Throwback Thursday: After Darkness, Light

I had wanted to write an original article in celebration of Reformation Day, but I have a cold that robbed me of sleep the past two nights. As a result, blogging is the last thing I want to do today. So please enjoy this reprise of my blog post from the October 31, 2017, written in honor of the 500th anniversary of the Protestant Reformation.

Post Tenebras Lux

Even among Christians who genuinely love God’s Word and have a passion for Him, I feel like a certifiable nerd these days. Hardly anyone outside on my blogging and Twitter associates seems aware that today marks the 500th anniversary of the Protestant Reformation. And the few who actually do know don’t show a great deal of concern (let alone excitement) over the matter. That was 500 years ago, they reason. They remind me that not everyone enjoys history as much as I do.

A few longtime friends have (if I correctly understand their Facebook comments) expressed hope that I’m not idolizing theology instead of loving Jesus. Certainly, dead orthodoxy poses a danger to any Christian, and therefore self-examination has a place for those of us who write zealously about the issues involved in the Reformation. I don’t want to exalt anything above the Lord Jesus Christ.

I wonder, however, if people accused Luther, Calvin, Zwingli and the other 16th Century Reformers of idolizing theology.

Actually, they accused them of heresy, even though it was the false teachings of Roman Catholicism that caused the Reformers to go back to Scripture and question the Church’s teachings in the first place. Those men and women stood against the errors in the Roman Catholic Church because they loved Jesus and had a passion for His Word.

In order to appreciate their passion for Biblical theology, it helps to understand the development of the Roman Catholic Church. Outlining that history goes well beyond the scope of today’s essay, but I strongly encourage you to read What is the origin of the Roman Catholic Church? from GotQuestions.org. Suffice it to say that Roman Catholicism kept most people in spiritual darkness for approximately 600 years, withholding Scripture from all but the elite so that Rome could maintain political power.

The Reformers began reading Scripture translated from the original Greek and Hebrew, and consequently saw huge discrepancies between what the Word taught and the teachings of Rome. As I’ve said repeatedly throughout this Tuesday series, they risked their very lives (and many died as martyrs) over the theological differences between them and the Roman Catholic Church.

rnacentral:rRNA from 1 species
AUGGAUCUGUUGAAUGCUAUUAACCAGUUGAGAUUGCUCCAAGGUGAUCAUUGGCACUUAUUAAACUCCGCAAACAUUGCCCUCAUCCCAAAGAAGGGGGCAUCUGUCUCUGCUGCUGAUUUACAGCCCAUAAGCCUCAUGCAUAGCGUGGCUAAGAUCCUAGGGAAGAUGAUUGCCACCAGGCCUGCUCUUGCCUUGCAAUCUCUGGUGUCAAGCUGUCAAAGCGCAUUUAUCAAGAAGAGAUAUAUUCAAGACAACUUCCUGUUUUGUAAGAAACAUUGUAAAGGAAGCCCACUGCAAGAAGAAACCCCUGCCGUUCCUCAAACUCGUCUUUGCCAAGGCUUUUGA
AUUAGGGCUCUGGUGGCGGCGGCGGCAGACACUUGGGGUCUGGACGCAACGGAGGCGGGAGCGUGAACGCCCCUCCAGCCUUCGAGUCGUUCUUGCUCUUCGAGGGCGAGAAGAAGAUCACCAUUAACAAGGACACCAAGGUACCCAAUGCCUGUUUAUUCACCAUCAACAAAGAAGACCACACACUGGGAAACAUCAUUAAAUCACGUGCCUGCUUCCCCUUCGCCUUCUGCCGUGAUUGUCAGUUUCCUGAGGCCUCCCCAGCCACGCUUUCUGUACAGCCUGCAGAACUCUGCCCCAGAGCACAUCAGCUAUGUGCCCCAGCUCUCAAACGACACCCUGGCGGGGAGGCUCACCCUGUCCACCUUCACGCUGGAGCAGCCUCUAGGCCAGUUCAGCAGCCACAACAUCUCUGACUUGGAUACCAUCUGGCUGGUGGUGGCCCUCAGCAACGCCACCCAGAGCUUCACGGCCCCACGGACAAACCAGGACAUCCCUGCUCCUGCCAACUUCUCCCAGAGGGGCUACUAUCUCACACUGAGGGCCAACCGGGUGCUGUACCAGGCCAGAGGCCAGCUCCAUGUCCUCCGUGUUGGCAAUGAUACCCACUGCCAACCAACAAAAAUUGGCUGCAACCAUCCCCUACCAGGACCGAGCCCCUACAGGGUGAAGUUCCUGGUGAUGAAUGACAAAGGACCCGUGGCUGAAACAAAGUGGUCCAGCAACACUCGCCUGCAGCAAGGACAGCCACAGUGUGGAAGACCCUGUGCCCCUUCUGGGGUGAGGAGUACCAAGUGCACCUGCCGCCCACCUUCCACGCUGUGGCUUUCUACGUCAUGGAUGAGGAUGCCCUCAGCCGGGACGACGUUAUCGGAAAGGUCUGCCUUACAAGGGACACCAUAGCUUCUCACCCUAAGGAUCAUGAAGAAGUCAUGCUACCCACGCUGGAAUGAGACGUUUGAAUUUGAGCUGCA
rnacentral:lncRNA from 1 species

They rightly took the motto, Post Tenebras Lux (after darkness, light), to describe God’s wonderful work of restoring sound doctrine to His people.  The light of God’s Word had at last dispelled the darkness of Roman Catholicism, and the Reformers preferred persecution and death to compromising their theology. Does that mean they idolized theology over the Lord?

I would argue that the Reformers’ love and passion for Christ emanated from their return to Biblical theology. As they rediscovered the doctrines of grace in the pages of Scripture, the light shone brightly, leading them to know and love the Lord, Who had been in the shadows of Catholic tradition for almost six centuries.  To those Reformers, the theology that shed light on the Lord and His will caused them to rejoice in His remarkable grace. They gave Him all the glory. Indeed,  the appearance of light after darkness fueled their passionate love for Him.

Oh dear 21st Century believers, don’t let people discourage you from loving the theology that leads you to a clear understanding of Who Jesus is and what He teaches. As John said to me yesterday, we can’t really love the Lord apart from right theology. Praise God for the courageous Reformers whom He used to bring His people from darkness into light.

But you are a chosen race, a royal priesthood, a holy nation, a people for his own possession, that you may proclaim the excellencies of him who called you out of darkness into his marvelous light. ~~1 Peter 2:9 (ESV)

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Throwback Thursday: A Sinful Disagreement

Originally published April 5, 2017:

Open Bible 03A woman speaking at a retreat I attended years ago shocked me by stating: “I don’t agree with Paul concerning the roles of women.” Now, it’s one thing to dislike the gender roles delineated in Paul’s epistles, and I admit to struggling with the prohibition against teaching in terms of this blog. (I don’t know how many men read it, but I try to discourage them from doing so.)

In disagreeing with Paul, this speaker was actually disagreeing with Scripture. Her comment disturbed me then, and it has continued to disturb me throughout the years. The entire Bible, whether we like it or not, is God’s Word. As such, it claims authority over us and leaves no room for dissension.

16 All Scripture is breathed out by God and profitable for teaching, for reproof, for correction, and for training in righteousness, 17 that the man of God may be complete, equipped for every good work. ~~2 Timothy 3:16-17 (ESV)